Sunday, 1 December 2013

The essential colon

Sometimes, people wonder whether colons and semi-colons are really necessary. Well, take this headline from today's paper, about the difficulties the broadcaster Clare Balding experienced when she told her grandmother she was gay:

Balding: grandma said being gay was disgusting.

Now remove the colon.

See what I mean?

31 comments:

  1. This , non-balding , grandma now chortling .

    ReplyDelete
    Replies
    1. Yes - its an amusing thought, isn't it?

      Delete
  2. Excellent example, Frances! 8-)

    ReplyDelete
  3. I hesitated before opening this post, as the title made me wonder if you'd veered off in an unsuspected direction. (Which I'm sure was your intention.)

    ReplyDelete
    Replies
    1. Good point, Tim. I shall aim for less amabiguity next time...

      Delete
  4. I rather like the semi-colon, I see it as a slight intake of breath. I don't understand its bad reputation.

    ReplyDelete
    Replies
    1. I LOVE colons and sem-colons, CM, especially the semis. I've read books recently that are just crying out for them. I find it impossible to write withough using them.

      Delete
  5. Very good example! I remember similar stories my husband told me about when he talked about the importance of correct punctuation with his students.

    ReplyDelete
  6. Replies
    1. I just loved that headline, Rosemary. It made my day!

      Delete
  7. LOL
    Watch out for balding grandmas! I worry about the loss of inverted commas. I've noticed that some authors have lost them. I suppose it's better than losing hair.

    ReplyDelete
    Replies
    1. You're right, Fanny. I don't know why authors do this. It's very distracting, (apart from anything else) and confusing, as well. I guess it's a kind of gimmick.

      Delete
  8. The trouble is, students are no longer being taught the proper use of punctuation. Those of us who understand punctuation were not born knowing it. We had to be taught, and such usage is no longer being emphasized in schools.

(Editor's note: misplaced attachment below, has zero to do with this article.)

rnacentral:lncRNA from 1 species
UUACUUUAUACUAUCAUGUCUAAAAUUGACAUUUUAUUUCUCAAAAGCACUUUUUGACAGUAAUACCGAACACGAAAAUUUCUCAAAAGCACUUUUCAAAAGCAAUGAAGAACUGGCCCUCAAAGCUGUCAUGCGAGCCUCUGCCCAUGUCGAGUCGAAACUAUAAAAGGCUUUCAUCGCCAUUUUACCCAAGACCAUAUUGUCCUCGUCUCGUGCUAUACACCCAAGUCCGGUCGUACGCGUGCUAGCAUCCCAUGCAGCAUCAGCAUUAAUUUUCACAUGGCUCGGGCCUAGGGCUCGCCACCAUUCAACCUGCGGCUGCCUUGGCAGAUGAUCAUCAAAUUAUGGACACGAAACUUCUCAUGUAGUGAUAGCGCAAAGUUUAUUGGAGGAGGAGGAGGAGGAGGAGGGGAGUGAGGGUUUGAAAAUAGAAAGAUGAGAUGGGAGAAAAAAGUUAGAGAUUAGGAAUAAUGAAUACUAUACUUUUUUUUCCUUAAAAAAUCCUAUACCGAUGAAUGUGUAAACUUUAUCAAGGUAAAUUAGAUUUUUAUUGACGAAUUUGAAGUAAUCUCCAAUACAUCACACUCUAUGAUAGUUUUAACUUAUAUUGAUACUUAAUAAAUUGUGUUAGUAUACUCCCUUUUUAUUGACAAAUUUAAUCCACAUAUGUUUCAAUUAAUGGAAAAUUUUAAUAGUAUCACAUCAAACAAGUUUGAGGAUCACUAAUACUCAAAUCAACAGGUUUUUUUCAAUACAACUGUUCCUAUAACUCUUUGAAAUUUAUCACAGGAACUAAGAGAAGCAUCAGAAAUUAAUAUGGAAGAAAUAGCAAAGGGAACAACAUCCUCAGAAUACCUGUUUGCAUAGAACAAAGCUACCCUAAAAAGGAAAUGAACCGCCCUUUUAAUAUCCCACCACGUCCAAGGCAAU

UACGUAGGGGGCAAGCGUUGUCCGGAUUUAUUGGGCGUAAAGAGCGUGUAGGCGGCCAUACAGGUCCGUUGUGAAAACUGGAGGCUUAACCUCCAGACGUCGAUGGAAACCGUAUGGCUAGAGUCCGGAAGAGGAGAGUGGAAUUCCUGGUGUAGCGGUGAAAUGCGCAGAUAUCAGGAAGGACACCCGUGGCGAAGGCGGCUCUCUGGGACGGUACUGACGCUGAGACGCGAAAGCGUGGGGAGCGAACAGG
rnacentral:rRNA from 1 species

K

    ReplyDelete
  9. Let's eat Grandma. Let's eat, Grandma. Punctuation can save lives. I love colons and semi-colons. I use the Cambridge comma, though, so perhaps, to some, I'm not a purist.

    ReplyDelete
    Replies
    1. I think the Cambridge comma is optional. I used one yesteray, but don't always, But it doesn't quite alter meaning the way other punctuation marks do (although I'm sure you can think of an example, GB!)/

      Delete
  10. Good example. Colons and semi-colons are very, very important. I also like dashes and commas and all that stuff.

    ReplyDelete
  11. I agree they are needed. I suspect all those who think they aren't are people who have no idea what to do with them.

    ReplyDelete
  12. I'm intrigued. What is the Cambridge comma?

    ReplyDelete
    Replies
    1. I think what we were both referring to is more commonly known as the Oxford comma, and it comes after the final 'and' in a list. Eg I packed socks, books, and potatoes.
      Not sure the Cambridge comma itself exists, but no doubt GB will put me right!

      Delete
    2. It is, of course, the Oxford comma. I would like to think that I was being smart or bluffing or something but in fact I simply had a brain fart and named the wrong university. Silly me.

      Delete
    3. I should add that I wouldn't use it in the normal course of events for a list of single words but there are circumstances where I would use it (for example where there are lists of items also joined by 'and'). I once did a draft post on it but I don't think I ever finished it. I shall try and look it out sometime.

      Delete
    4. Oh, GB - how would I manage without you?

      Delete
  13. That's very interesting GB. I always thought that you shouldn't put a comma before 'and', but I can see how after a list it would work.

    ReplyDelete
  14. You didn't mention it, but I love the exclamation!

    ReplyDelete
    Replies
    1. What exclamation, Jill? Are you talking to me??

      Delete
    2. This has been a fun post.

      Delete